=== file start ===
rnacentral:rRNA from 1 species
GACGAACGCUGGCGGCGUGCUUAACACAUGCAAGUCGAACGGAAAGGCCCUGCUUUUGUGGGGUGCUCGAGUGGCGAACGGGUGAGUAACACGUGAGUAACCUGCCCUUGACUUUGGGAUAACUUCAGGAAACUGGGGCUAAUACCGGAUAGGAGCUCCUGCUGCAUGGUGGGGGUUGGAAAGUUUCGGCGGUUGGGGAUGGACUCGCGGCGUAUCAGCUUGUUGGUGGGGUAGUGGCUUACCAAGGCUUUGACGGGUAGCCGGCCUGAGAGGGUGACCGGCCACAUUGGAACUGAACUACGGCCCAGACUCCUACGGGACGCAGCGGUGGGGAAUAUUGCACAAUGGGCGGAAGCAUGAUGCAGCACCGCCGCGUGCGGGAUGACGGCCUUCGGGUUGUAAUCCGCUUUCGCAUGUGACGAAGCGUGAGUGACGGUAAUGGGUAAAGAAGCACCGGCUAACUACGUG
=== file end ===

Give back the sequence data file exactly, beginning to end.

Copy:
rnacentral:rRNA from 1 species
GACGAACGCUGGCGGCGUGCUUAACACAUGCAAGUCGAACGGAAAGGCCCUGCUUUUGUGGGGUGCUCGAGUGGCGAACGGGUGAGUAACACGUGAGUAACCUGCCCUUGACUUUGGGAUAACUUCAGGAAACUGGGGCUAAUACCGGAUAGGAGCUCCUGCUGCAUGGUGGGGGUUGGAAAGUUUCGGCGGUUGGGGAUGGACUCGCGGCGUAUCAGCUUGUUGGUGGGGUAGUGGCUUACCAAGGCUUUGACGGGUAGCCGGCCUGAGAGGGUGACCGGCCACAUUGGAACUGAACUACGGCCCAGACUCCUACGGGACGCAGCGGUGGGGAAUAUUGCACAAUGGGCGGAAGCAUGAUGCAGCACCGCCGCGUGCGGGAUGACGGCCUUCGGGUUGUAAUCCGCUUUCGCAUGUGACGAAGCGUGAGUGACGGUAAUGGGUAAAGAAGCACCGGCUAACUACGUG